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New access to Lihu‘e recycling bins

LIHU‘E — Lois Andersson arrived with her load of recycling Friday, using the Kalepa Street access to the Kaua‘i Recycles site.

She was not even aware of that as she parked her car conveniently next to the mixed paper dumpster while she segregated her mixed paper and corrugated material.

The new Kalepa Street access is one of two traffic modifications that are in effect due to construction of the new Target store taking place behind the fenced-off area surrounding the former Big Kmart store.

There are currently two access points to the Kaua‘i Recycles drop bins. One entrance is near Kalepa Street entering the parking lot of the former Sports Authority store, and the other is on Pikake Street, closest to the drop bins. The entrance at the northern parking lot near the Kumu’s Cupboard educators’ resource facility, will not be able to access the drop bins.

Along with the traffic modifications, the county Department of Public Works Solid Waste Division announced that Sunday is America Recycles Day, a time when the federal Environmental Protection Agency recognizes the importance and impact of recycling.

Information from the EPA website shows the recycling rate has increased from less than 7% in 1960 to the current rate of more than 35%. This growth, according to EPA studies, means that for every 10,000 tons of material recycled, the effort supports nearly 16 jobs and $760,000 in wages.

On Kaua‘i, the greatest impact is keeping material from ending in the Kekaha Landfill that has been extended several times over because there is no alternative landfill site.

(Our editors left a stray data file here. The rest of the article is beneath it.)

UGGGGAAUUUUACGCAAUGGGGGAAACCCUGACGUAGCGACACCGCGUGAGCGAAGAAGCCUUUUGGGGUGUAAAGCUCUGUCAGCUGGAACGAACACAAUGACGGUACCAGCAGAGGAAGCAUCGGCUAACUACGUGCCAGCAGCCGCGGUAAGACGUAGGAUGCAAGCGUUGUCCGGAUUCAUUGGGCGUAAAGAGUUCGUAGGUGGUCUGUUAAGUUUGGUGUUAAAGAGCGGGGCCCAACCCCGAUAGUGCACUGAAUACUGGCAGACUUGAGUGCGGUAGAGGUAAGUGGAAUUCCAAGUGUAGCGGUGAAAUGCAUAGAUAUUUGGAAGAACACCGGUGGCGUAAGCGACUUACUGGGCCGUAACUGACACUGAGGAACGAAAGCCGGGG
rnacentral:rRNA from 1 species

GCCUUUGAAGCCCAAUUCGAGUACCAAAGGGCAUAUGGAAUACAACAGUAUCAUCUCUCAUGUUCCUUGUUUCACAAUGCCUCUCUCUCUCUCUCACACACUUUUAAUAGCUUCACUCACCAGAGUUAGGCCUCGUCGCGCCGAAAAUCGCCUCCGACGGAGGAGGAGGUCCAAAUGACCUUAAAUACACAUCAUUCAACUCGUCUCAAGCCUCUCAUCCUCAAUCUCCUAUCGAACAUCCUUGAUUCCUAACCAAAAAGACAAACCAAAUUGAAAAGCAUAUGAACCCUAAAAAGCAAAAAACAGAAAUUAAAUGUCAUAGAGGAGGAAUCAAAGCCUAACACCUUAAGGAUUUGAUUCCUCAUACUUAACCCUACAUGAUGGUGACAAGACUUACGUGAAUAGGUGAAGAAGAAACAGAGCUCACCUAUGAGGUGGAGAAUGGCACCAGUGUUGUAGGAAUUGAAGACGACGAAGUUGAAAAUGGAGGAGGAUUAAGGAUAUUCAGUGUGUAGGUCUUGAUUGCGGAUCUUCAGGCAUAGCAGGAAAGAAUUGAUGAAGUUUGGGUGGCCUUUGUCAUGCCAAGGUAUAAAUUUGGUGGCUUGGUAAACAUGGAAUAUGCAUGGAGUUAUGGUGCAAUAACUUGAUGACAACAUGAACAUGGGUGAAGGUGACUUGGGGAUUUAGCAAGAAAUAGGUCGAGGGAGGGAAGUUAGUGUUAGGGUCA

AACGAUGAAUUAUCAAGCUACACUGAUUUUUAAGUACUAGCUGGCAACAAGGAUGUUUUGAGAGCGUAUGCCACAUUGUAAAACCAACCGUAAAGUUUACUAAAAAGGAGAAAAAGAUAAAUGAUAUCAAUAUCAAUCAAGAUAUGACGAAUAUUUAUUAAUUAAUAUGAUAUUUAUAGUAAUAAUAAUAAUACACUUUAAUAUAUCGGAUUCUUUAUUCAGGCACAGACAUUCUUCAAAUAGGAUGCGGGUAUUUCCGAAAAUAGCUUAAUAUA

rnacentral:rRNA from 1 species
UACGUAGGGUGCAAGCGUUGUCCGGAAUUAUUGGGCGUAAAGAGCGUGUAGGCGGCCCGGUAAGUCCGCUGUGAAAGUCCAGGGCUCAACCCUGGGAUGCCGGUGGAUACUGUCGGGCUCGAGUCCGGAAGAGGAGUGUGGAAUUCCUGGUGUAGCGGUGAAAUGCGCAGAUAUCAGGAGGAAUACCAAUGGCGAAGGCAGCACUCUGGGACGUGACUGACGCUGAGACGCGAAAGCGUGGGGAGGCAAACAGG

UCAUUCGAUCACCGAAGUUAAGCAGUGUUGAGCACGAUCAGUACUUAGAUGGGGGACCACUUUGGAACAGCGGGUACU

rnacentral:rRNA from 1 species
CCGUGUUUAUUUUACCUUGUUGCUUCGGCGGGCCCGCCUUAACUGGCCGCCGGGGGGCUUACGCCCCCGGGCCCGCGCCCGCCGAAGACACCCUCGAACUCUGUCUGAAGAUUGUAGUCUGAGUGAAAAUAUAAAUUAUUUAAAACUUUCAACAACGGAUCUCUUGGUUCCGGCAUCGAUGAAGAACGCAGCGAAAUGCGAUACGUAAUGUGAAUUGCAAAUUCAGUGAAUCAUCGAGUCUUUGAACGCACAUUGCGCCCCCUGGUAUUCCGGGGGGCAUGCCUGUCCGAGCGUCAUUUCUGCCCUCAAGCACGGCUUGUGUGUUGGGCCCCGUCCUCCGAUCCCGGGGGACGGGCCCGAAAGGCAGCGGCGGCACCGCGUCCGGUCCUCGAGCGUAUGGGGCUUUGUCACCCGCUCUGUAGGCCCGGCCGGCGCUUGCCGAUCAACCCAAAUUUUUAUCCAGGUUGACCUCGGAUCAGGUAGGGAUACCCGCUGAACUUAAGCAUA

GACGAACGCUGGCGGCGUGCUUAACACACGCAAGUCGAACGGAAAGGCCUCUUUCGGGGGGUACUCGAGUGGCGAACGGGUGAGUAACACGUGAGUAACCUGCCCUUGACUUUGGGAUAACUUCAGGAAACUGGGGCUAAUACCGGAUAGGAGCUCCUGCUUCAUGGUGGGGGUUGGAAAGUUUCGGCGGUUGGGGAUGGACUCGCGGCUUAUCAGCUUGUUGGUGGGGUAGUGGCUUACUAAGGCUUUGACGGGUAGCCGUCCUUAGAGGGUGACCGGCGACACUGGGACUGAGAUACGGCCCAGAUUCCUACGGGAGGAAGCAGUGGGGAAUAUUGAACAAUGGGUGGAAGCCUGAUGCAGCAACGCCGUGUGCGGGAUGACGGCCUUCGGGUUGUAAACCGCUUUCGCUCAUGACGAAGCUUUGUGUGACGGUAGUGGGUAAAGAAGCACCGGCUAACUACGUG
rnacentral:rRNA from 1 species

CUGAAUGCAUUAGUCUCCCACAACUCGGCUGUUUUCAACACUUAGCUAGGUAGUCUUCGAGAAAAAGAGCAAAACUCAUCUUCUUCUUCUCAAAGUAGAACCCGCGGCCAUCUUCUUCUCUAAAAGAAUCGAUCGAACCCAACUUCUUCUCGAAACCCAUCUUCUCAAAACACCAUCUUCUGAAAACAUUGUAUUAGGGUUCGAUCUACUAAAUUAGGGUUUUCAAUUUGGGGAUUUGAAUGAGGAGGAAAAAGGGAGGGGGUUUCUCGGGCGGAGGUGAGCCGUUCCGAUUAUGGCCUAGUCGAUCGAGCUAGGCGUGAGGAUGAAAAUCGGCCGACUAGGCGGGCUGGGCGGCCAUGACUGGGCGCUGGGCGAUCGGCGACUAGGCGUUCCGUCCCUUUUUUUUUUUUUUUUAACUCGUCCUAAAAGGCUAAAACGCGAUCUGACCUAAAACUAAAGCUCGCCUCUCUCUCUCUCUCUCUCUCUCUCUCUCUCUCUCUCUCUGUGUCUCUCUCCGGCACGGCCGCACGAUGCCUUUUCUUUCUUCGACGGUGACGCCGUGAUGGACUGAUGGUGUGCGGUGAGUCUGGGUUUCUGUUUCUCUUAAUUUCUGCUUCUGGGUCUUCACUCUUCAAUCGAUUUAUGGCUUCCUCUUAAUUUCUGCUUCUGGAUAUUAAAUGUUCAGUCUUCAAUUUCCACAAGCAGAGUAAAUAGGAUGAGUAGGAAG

The county’s recycling website says all recycling opportunities available at HI5 redemption centers, Kaua‘i Recycles drop bins, the Puhi Metals Recycling Center and the refuse transfer stations have remained open with the same operating hours during the COVID-19 pandemic.

While recycling, or disposing items, the county requires that a face mask be worn, and social distancing be observed.

The DPW Solid Waste Division said there are many things that can be recycled on the island, including vehicles for free, and everyone, including businesses, can recycle their electronic waste at no cost.

At the residential drop bins, only No. 1 and No. 2 plastic containers are accepted.

Batteries are accepted at the Kaua‘i Resource Center, but lead acid batteries (commonly used in automobiles) are accepted at most automotive stores, not at the Kaua‘i Resource Center.

More information can be found at, or by calling 241-4841.


Dennis Fujimoto, staff writer and photographer, can be reached at 245-0453 or
Source: The Garden Island

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